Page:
Of course I agree a term doesn’t stop being useful just because it’s retrospective. In a time when people only saw their near neighbours they might not see underlying similarities the way an outsider would. Geordies and Maccas are historic enemies, but as an ignorant Southerner I can’t tell the two accents apart to save my life.As another example I doubt many people today see themselves as Indo-European very much, but that doesn’t stop it being a meaningful term.

    I saw another thing on the telly (there I go again!) which theorised that all languages in Europe were originally related to Finno-Ugric, and that it was the Hittite empire that brought in Indo-European. (Where the ‘Indo’ came into that wasn’t discussed really). Hence my question, sorry if it was a dumb one! Of course I agree language is cultural rather than genetic.

    ‘Racial purity’ is only possible through very close inbreeding, the results of which aren’t normally described as ‘pure’.

  7. paddybrown Says:

    The “Indo” comes in because there are a lot of languages in the Indian sub-continent, as well as in Europe, that are part of the same group.

    You’ve got a good point on the Geordies/Mackems thing. I tend to avoid the word “Celtic” when writing about something that’s specifically Irish, because there is a tendency to mix things up and assume that anything that’s true for one Celtic group at one time is true for all Celts at all times. It’s one thing Simon James was absolutely right about – as well as the ways the ancient Britons and Irish were similar to other Celtic peoples on the continent, there were also ways they were distinctive, and seeing everything through a “Celtic” lens can obscure that. But when you find a Greek poem from the 2nd century BC that says the Celts of the Rhine test paternity by floating their babies in the river, and then read a 12th century Irish story where a putative father does exactly that, or find Alexander the Great’s Gaulish mercenaries swearing almost exactly the same oath as the Ulster heroes in the Táin, you’ve got to think there’s something in it.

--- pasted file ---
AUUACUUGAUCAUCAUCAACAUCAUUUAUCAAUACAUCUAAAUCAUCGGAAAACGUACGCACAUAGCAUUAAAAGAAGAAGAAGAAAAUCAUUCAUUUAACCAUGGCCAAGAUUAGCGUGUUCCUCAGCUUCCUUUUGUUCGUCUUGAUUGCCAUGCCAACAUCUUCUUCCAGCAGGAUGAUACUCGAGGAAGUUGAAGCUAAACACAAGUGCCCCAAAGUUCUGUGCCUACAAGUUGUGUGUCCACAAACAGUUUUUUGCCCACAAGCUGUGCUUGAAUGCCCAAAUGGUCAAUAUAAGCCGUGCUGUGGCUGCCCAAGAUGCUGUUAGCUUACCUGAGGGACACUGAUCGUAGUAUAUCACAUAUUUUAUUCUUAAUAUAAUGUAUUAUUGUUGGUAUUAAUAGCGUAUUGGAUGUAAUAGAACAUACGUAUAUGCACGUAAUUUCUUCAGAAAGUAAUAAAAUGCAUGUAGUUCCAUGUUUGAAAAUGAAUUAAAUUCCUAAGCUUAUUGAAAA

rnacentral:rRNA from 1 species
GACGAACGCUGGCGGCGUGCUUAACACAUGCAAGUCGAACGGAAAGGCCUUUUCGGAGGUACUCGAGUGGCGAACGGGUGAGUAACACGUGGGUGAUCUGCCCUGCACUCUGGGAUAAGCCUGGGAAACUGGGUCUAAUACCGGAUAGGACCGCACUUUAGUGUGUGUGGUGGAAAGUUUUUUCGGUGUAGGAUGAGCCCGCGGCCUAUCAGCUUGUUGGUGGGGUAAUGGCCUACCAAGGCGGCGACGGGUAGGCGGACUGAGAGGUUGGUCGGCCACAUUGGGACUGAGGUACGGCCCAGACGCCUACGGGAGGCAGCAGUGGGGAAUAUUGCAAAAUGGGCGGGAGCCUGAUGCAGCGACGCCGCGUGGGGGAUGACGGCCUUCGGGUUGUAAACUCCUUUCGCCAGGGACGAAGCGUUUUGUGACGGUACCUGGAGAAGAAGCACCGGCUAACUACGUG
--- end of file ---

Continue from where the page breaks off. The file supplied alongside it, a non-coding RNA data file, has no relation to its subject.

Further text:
8. Gavin Burrows Says:

    Sorry, think I wasn’t clear in one thing I said. It’s certainly true that Hindi and some other Indian languages are part of an overall Indo-European language cluster, I was just doubting how the Hittites could be said to have caused all that when their empire never stretched that far.

    But of course it’s dodgy to assume innovation is always tied to imperialism. It’s notable how such theories have diminished in British academia after Britain effectively stopped having an empire of it’s own. Reading Wikipedia in a vain bid to sound well-informed, I found one counter-theory which suggested Indo-European spread across trade routes. This seems to me at least as likely if not more so, after all trade routes usually stretch further than empires.

    You’re right that people sometimes have odd ideas about culture; because culture is something unifying they assume it must be uniform. It makes more sense to talk about culture in terms of underlying shared assumptions. Added to which, cultures would have been more diffuse and less homogenous before automated transport and the mass media. The Sun likes to talk about ‘Englishness’ stretching back for a thousand years, but if you went back then few people would even have known what they were talking about!

    Being somewhat left-leaning I used to be quite definitely internationalist in outlook. But these days our culture has become so homogenised, with the same few brand names seemingly reappearing wherever you go, that local distinctiveness has started to seem to me something of a good thing.

  9. Andrew Luke Says:

    “Brits out ! Brits Out ! But You Scottish Can Hang About, You’re Alright….We Don’t Mind You, And Parts of England Were the Deprived Working Classes Are We Have Solidarity With You, Brother…Welsh, Can Take Yi Or Leave Yi Really ! so um, marker ?”

    Sorry Patrick, I guess I’m having a Ed Izzard moment. Happy new year to yourself and others.